Happy autumn! Herewith a few odds and ends from my notebook.

Un-packing the Court

As I write this, the nomination of Judge Kavanaugh to the Supreme Court is still up in the air. Whatever my preferences and my views of the current uproar, I have my doubts about the ability of 51 Republicans to agree on anything in this environment. So suppose the first Monday in October arrives with only eight Justices. Then what?

Not a constitutional crisis, if the period between the death of Antonin Scalia and the commissioning of Neil Gorsuch is any indication. Would it be better for an appellate court to have a full bench? Sure. Perhaps with only eight justices, the Court would slow the pace of its decisions in order to avoid tie votes. Perhaps certiorari would be denied in more cases. The people whose cases are past the Circuit Court of Appeals stage and who are seeking a SCOTUS hearing have reason to be concerned.

I’m curious to know if any case dear to the hearts of anti-Kavanaugh forces is in the pipeline. I don’t know the answer, but I wonder if delay in confirming a ninth justice might have unintended consequences for someone who now considers an open seat a victory of sorts.

“Gosnell” Film Opens October 12

During the recent Values Voter Summit in Washington, I attended a pre-release screening of the feature film “Gosnell,” which will premiere in theaters on Friday, October 12. This is the dramatization of the story of Pennsylvania abortionist Kermit Gosnell, sentenced in 2013 to life in prison for the deaths of a woman and three born-alive children.

The movie is outstanding. Find it, watch it, and tell your friends about it. The film’s producers had a hard time getting a distribution deal. Even now, theater operators are apparently finding themselves under pressure not to show the movie. The list of premiere theaters had two Massachusetts listings a week ago; that list is down to one.

“Gosnell” is about the police and investigators who stumbled over evidence of Gosnell’s crimes. Some were pro-choice, others not, still others had no strong feelings about abortion one way or the other. What they all agreed on was that homicide was a crime, and that Gosnell had a trail of bodies behind him. The film shows how they saw the case through.

An Upbeat Book: “Turning Misery into Ministry”

And now for something completely different. Tony Agnesi is a Catholic writer and speaker whose “Storyteller’s Guides” feature short essays about putting belief into practice. His newest guide, subtitled “Turning Misery into Ministry,” is refreshing and edifying. Easy reading, real-life stories, practical advice: a nice change from politicsTony Agnesi. Here’s my full review. Check out Tony’s web site as well.

Four years ago today, a jury was deliberating the fate of Kermit Gosnell. That trial ended with Gosnell serving life in prison for murder and manslaughter.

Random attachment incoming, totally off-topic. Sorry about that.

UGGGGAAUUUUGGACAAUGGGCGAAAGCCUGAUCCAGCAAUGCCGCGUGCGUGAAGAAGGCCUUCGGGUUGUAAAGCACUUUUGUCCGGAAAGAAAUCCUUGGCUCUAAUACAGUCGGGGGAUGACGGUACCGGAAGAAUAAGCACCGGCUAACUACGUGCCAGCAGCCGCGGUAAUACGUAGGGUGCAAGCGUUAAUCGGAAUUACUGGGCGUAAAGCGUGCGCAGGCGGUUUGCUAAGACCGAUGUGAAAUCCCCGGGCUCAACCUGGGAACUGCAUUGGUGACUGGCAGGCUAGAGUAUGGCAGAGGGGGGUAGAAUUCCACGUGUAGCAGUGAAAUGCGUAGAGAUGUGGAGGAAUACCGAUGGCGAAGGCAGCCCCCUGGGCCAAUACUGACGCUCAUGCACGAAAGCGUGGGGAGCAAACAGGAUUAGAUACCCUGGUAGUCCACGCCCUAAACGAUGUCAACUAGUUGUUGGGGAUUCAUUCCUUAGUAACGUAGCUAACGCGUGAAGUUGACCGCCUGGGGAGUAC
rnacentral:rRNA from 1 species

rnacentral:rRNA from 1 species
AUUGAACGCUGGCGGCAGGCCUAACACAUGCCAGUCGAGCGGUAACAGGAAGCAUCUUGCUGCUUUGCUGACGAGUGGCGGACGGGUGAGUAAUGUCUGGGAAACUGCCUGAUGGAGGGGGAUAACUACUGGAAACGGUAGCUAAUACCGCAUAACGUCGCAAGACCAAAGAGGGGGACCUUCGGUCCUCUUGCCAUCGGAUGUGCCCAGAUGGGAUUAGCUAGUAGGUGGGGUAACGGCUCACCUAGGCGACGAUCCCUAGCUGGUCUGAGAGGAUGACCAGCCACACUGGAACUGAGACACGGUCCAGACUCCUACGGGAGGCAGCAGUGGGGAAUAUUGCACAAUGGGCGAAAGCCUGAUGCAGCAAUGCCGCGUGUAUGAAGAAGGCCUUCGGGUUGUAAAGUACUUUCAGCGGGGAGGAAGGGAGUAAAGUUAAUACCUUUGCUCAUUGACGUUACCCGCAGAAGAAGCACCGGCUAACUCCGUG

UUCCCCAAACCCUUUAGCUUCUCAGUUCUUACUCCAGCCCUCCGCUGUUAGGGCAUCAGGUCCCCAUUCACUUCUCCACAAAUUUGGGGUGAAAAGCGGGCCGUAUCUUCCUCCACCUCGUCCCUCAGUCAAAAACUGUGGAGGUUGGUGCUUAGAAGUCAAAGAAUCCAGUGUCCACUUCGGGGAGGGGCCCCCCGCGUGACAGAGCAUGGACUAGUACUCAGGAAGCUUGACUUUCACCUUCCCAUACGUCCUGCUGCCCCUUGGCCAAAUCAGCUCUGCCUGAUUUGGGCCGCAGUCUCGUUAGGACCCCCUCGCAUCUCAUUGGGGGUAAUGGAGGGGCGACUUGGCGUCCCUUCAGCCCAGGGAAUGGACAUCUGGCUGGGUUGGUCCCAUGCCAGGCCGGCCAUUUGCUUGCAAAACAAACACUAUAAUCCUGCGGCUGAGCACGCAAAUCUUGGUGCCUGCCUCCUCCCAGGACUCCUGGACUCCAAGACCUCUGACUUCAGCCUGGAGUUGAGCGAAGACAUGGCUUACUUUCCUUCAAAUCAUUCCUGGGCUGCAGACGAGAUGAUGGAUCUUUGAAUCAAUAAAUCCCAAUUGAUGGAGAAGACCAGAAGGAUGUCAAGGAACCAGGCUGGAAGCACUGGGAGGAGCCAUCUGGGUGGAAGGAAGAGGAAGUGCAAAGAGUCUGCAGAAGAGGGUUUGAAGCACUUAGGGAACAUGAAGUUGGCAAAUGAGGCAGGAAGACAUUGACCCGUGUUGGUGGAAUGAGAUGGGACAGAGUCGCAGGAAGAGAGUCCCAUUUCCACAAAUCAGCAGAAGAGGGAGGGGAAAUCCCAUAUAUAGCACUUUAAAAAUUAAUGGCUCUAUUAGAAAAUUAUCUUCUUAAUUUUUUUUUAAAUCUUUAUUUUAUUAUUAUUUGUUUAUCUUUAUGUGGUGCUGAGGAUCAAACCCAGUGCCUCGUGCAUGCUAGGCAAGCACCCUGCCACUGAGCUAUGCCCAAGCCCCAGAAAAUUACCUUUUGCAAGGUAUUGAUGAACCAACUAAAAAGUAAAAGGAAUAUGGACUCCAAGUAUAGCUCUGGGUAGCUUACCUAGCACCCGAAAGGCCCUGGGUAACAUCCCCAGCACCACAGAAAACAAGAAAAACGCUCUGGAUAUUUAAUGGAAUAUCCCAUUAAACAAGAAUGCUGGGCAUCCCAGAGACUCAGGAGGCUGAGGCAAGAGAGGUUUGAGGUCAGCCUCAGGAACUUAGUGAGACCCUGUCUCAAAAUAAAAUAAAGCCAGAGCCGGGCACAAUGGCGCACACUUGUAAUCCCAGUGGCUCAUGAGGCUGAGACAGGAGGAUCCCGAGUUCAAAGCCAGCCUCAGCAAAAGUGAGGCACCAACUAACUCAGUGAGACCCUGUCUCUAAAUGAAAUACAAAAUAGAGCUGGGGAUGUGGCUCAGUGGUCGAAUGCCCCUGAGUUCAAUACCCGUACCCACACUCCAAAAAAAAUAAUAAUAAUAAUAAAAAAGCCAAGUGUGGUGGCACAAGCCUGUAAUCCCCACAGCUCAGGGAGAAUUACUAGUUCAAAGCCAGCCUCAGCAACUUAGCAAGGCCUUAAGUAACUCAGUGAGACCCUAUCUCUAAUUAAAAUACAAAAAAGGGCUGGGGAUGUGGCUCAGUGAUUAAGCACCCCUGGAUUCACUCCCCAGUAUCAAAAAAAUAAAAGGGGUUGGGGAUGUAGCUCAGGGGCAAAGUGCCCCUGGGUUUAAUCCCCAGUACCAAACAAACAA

Today, a GOP-majority Congress, with a GOP president looking on, can’t agree on when or how to prevent taxpayer funds from going to abortion providers.

What does the spine-snipping abortionist have to do with abortion funding? Only this: a member of Congress who remembers Gosnell’s crimes with disgust is unlikely to support sending tax dollars to an abortion industry that fights regulation.  Conversely, a member of Congress who supports tax funding of abortion providers, or who is indifferent to that funding, is someone who has forgotten or ignored the crimes of Kermit Gosnell and his many enablers.

While the Gosnell trial was going on in Pennsylvania, abortion-related legislation was being considered in my own state. I remember a representative of NARAL dismissing Gosnell as an “outlier.” There was no need to tighten up  abortion regulation, said the lobbyist, since there were no Gosnells in our fair state (she said). Representatives of local abortion providers echoed the “outlier” line.

To this day, my state has no limit on when abortions may be performed or who may perform them. There’s no law requiring treatment of infants who survive attempted abortion. There’s no requirement for abortion facilities to meet the same standards as ambulatory surgical facilities. There’s no collection of abortion statistics, including statistics on maternal morbidity and mortality, and therefore no way to spot an abortion provider who injures women the way Gosnell did.

Every attempt to pass laws to prevent future Gosnells has been resisted by lobbyists for the abortion industry. And still, there are elected officials belonging to a nominally pro-life party who can’t quite figure out how to keep that industry from picking my pocket. I don’t let state officials off the hook, either; they’re the ones who award state contracts to abortion providers.

I hear the nervous whispers from officeholders who buy the 3% lie: but these agencies do so much good…

Spare me. An agency that lobbies against laws to protect women’s health and safeguard children who survive attempted abortion is not “doing good.”

I understand the nature of budgets and the need for consensus and prudence. This anniversary, though, this reminder of Gosnell, renders me impatient to see an end to public funding of abortion providers.

(While I’m mentioning Gosnell, allow me to recommend the recent book Gosnell: the Untold Story of America’s Most Prolific Serial Killer by Ann McElhinney & Phelim McAleer. It’s not just about Kermit Gosnell. The authors make sure that the people who helped bring him to justice get their due.)

Ellen Kolb writes at EllenKolb.com and blogs about life issues in New Hampshire at Leaven for the Loaf.
Support independent journalism by hitting Da Tip Jar for Da Tech Guy Blog.